Once they hatch, they will be wet and very floppy. Many times I’ve gotten so worried that they are dead and I will have to tell my students the horrible news and ruin the entire experience for them. They’re not dead. They’re just very very tired.. they just worked their way into the world and need a rest.
Leave them in the incubator until they are completely dry. Yes, it is very tempting to take them out and hold the cute little ones and give them food and water or worry that the incubator is too hot for them. They will be just fine. Right before they hatch, they absorb the rest of the yolk which is providing them with nutrients and don’t need to eat or drink right away. I’ve left my just hatched chicks in the incubator for a little over 24 hours and they were fine.
Once you take them out of the incubator you will need…
Cage – I already mentioned that the first year I hatched chicks in my room, 11 of the 12 eggs hatched. I had already bought a cage like this and then realized they would not last very long in this small of a cage so I bought a cage like this. Depending on how big your classroom is and how many chicks you hatch will depend on what kind of cage you get. I bought both of mine through Amazon, so check there for what fits your needs.
Line your cage with pine shavings like these. This is better than using newspaper, as newspaper can make it hard for them to walk around.
Food and Water – I am
lazy efficient and order basically everything on Amazon. I’ve gotten many different kinds of food for chicks and each one seemed to work and the chicks were happy. There is much debate about using medicated or non-medicated chick feed. You can read more about that here. Personally, I use medicated chick feed. And, I put their food and water in containers like this (also an amazon find!)
*Tip! – they kick the pine shavings in the food and water and it makes it hard for them to eat and drink so I flip little buckets upside down and put the food and water containers on top of them and use them like a table so the containers are elevated from the pine shavings. I also have used pipe cleaners to hang the food container from the top of the cage.
It is also important to help your chick find where the food and water is in the cage. Once you have transported them from the incubator to their cage, take them to the water dish and dunk their beak in. Chicks need to be taught how to drink.
Heat Lamp – These babies have been so warm in your incubator since day one so in order to keep them nice and toasty, you will need a heat lamp. Find a safe place to attach your heat lamp and make sure to tell your students not to touch it!
*Tip – if you notice the chicks huddle up on the side where the heat lamp is, it may be because they are cold and want to get closer to the heat. If this happens move the lamp closer. The opposite can also happen. If they are staying on the side of the cage to get far away from the heat, move the heat lamp away.
The Number 1 tip in order to make your chick experience run smoothly:
If you are not planning on adopting your chicks, arrange for someone to take them BEFORE you even get your eggs.
My first year, when the 11 chicks hatched, I had not arranged for someone to take them. They grew very quickly, got very messy and smelly and were an overall huge responsibility. It was getting closer and closer to summer break and I was nervous that I wouldn’t have anywhere for these chickens to go (I live in an apartment building so they could not come home with me.) That year, I taught summer school and was desperately asking around. Eventually, a student who took summer school, had a family friend who had a farm and could take more chickens. After that experience, I vowed never to get eggs again without having a home for them. I have even gone as far as telling the kinder families in my classroom at Back to School Night in September about our future hatching experience in April and to start thinking about if they want or know of anyone who wants to raise chickens. Don’t make the same mistake I did my first year!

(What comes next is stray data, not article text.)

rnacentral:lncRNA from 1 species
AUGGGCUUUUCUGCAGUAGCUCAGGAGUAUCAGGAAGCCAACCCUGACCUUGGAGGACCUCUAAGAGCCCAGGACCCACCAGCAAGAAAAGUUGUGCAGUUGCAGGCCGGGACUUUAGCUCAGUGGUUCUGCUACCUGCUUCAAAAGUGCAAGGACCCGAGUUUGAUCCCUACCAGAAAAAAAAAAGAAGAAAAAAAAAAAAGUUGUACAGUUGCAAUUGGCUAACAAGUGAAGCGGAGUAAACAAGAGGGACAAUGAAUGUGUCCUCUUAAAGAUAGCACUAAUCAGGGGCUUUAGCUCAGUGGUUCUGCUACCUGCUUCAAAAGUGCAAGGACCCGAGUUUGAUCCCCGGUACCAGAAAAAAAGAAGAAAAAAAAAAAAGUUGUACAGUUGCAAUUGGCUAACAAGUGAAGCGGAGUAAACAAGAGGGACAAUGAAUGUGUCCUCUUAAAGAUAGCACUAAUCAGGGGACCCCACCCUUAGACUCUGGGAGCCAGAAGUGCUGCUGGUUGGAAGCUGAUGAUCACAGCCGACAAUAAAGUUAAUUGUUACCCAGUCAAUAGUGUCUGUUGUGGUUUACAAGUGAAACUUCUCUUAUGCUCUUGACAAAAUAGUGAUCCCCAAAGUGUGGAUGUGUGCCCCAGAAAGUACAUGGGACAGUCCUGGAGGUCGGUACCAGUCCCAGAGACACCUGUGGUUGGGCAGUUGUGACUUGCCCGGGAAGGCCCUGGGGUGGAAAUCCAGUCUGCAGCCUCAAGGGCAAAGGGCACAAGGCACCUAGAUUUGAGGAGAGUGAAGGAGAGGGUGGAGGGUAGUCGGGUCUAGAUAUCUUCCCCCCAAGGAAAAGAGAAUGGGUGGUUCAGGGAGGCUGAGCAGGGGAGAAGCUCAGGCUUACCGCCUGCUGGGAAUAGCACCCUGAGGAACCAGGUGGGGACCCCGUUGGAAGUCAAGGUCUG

This process is so rich with information and students learn so much throughout this experience. Here are a few links to resources I have collected over the years hatching chicks in my classroom.
Embryo growth by the day – This website explains what is happening inside the egg every day throughout the 21 days. I also created a chart of a picture of the egg and what the embryo looks like inside. I show the picture and read the information about what is growing in the egg every day and we add it to our countdown. (I’m working on getting a chart like mine up on TpT.)
I use various activities from this resource on TpT – My favorite is the “How A Chick Hatches” mini book.
I also use activities from this activity on TpT – There is so much information in this resource! I even printed out the pages, laminated them and turned it into a book.
This amazing freebie is what I use when we discuss the lifecycle of a chicken. My kids love completing this art extension once we learn the lifecycle.
I also love to close out this unit with an art project I found on Pinterest. We use this fork painting technique and I let my students use scrap paper to create a background for their chick. Art projects where students can be creative and do their own thing are my favorite!
Do you feel like you have the confidence to hatch chicks in your classroom? Here are all the tools, tips and tricks to make this egg-citing experience run smoothly. Any other teacher chick hatchers out there who would add tips or information to this list? Comment below.